5 Ways Financial Advisors Breach Fiduciary Duty to Clients

A financial advisor looking up a code of ethics to identify potential breaches of fiduciary duty.

A breach of fiduciary duty can take various forms. Here are five ways that advisors can breach a fiduciary duty to their clients:

  1. Negligent management of assets: This refers to a situation where a financial advisor fails to manage a client’s assets with due diligence. Examples may include not diversifying investments, not monitoring market changes, or overlooking the client’s risk tolerance and financial goals. This negligence can potentially lead to substantial financial losses and undermine the client’s financial stability and future plans.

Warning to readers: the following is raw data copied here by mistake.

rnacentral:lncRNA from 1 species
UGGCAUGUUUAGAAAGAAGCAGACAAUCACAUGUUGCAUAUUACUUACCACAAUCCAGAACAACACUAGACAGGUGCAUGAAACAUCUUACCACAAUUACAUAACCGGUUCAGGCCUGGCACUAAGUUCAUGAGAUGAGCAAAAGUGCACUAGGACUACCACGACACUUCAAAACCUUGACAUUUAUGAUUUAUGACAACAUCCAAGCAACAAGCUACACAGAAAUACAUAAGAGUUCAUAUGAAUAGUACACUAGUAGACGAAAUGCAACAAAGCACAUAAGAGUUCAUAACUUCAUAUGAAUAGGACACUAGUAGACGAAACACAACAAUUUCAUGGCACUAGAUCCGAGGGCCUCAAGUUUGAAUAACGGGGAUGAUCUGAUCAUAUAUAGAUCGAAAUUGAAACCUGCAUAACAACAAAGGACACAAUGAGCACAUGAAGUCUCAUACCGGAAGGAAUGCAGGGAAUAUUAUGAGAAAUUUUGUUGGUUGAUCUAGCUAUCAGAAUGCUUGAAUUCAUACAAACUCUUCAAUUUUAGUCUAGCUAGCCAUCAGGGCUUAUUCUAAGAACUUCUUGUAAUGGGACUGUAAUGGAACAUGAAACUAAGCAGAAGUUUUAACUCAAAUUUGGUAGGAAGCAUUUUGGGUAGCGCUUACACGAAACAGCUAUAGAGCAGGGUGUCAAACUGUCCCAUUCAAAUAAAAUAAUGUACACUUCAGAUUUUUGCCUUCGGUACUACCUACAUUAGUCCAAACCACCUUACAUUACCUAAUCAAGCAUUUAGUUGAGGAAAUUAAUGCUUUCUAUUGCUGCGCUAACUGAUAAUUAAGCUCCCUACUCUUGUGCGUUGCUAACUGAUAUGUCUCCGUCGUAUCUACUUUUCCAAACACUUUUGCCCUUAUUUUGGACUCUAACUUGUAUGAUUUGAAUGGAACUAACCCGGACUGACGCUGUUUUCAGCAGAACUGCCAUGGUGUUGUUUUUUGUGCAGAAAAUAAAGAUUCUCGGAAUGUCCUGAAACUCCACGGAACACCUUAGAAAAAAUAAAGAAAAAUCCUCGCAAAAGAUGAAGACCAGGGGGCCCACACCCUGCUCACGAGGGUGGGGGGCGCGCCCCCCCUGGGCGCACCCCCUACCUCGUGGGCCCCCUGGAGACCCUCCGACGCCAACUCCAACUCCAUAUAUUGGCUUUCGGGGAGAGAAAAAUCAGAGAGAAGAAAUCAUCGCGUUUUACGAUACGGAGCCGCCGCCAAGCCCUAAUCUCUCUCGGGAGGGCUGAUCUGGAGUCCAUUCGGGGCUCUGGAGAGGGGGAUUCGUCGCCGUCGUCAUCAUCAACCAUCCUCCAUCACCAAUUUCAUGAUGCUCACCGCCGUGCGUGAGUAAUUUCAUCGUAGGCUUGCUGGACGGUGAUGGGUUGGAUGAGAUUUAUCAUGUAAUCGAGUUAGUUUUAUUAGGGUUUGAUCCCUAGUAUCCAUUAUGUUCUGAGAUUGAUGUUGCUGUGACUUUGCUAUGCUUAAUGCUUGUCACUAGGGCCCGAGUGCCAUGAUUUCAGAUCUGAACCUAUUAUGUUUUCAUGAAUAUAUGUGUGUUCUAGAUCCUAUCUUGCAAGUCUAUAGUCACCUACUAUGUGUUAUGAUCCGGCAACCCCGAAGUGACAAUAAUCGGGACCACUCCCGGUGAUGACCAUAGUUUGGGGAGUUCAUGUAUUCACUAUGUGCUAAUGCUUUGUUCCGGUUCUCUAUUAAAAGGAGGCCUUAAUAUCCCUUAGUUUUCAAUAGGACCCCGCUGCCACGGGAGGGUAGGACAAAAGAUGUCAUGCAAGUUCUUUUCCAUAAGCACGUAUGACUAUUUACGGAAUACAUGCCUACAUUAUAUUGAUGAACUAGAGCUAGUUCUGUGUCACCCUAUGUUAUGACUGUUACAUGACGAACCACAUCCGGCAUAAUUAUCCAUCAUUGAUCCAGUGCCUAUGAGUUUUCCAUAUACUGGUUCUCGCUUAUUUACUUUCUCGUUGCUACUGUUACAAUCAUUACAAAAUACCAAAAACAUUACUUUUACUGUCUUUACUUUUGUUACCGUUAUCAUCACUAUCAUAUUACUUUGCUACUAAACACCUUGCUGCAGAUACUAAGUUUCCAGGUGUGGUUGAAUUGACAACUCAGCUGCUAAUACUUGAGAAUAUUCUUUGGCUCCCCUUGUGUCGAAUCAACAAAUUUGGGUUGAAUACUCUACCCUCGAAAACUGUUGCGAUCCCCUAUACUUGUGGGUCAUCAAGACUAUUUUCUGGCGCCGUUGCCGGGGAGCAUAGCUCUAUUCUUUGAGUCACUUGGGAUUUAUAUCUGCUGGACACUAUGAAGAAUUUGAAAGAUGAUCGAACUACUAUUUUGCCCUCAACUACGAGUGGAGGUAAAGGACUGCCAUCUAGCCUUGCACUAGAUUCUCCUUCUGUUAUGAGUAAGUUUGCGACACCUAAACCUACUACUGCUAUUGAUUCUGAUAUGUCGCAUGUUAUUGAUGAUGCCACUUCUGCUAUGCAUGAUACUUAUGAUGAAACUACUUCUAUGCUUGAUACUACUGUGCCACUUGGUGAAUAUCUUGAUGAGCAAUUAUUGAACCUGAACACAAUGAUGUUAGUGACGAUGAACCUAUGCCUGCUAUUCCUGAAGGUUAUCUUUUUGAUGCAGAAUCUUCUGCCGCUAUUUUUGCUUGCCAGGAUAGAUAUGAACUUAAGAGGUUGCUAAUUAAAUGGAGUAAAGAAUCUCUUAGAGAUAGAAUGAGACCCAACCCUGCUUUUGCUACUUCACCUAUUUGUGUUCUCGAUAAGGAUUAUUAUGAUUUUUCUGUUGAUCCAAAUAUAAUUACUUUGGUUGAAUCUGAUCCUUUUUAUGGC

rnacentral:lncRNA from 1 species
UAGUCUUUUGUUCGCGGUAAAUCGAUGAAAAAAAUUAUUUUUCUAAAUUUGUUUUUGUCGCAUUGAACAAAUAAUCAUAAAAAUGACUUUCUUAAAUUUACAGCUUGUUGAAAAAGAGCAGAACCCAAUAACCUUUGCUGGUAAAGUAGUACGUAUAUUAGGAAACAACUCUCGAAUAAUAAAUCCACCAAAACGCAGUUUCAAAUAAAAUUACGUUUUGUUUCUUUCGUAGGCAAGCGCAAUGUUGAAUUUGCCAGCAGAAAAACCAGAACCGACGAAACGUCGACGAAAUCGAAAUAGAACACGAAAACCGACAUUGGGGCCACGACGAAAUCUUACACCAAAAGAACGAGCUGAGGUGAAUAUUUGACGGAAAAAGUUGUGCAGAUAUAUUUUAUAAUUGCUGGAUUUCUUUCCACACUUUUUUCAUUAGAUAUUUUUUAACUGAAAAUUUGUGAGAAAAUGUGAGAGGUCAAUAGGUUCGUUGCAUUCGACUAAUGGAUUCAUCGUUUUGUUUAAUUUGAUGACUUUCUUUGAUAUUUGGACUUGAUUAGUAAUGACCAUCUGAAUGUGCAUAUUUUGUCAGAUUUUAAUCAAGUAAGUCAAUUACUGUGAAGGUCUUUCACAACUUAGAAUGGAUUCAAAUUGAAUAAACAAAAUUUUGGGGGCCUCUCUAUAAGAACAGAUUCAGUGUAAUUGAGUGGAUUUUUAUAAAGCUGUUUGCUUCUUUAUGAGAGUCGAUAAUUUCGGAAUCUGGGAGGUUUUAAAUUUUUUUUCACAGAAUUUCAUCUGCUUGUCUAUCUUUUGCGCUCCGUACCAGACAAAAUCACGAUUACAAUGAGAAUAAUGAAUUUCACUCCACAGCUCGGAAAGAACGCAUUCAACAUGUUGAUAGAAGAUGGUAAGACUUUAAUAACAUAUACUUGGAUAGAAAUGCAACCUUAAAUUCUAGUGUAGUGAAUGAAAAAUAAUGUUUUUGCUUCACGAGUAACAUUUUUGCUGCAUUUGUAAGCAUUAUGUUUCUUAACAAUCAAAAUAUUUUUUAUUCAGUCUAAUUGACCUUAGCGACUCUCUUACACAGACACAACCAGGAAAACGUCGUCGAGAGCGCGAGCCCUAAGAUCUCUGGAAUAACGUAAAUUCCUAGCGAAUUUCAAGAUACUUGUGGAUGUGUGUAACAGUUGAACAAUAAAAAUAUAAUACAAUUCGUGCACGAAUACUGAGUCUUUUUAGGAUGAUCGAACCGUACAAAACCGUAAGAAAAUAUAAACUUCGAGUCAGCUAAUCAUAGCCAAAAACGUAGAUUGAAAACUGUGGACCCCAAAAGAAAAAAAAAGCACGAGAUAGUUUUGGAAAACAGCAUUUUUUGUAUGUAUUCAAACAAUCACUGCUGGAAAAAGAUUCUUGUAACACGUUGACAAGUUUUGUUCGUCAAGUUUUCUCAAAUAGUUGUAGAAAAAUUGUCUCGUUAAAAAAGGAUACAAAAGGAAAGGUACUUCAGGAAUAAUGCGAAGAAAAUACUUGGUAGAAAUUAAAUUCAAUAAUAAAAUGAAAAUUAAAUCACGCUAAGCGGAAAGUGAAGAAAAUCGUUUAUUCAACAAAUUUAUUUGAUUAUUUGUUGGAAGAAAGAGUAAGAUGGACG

2. Self-dealing: This can happen when the financial advisor puts their own best interest ahead of their client. Examples include making investments that benefit the advisor personally, using client funds for personal expenses, or accepting kickbacks from third parties. The impacts of self-dealing can be severe, including financial loss, damaged trust and potential legal action against the advisor.
  3. Inadequate record-keeping: Fiduciaries must provide advice and recommendations based on a thorough understanding of their clients’ financial situations. Inadequate record-keeping can make it challenging for an advisor to substantiate the rationale behind their recommendations and to prove that the advice was aligned with the client’s best interests.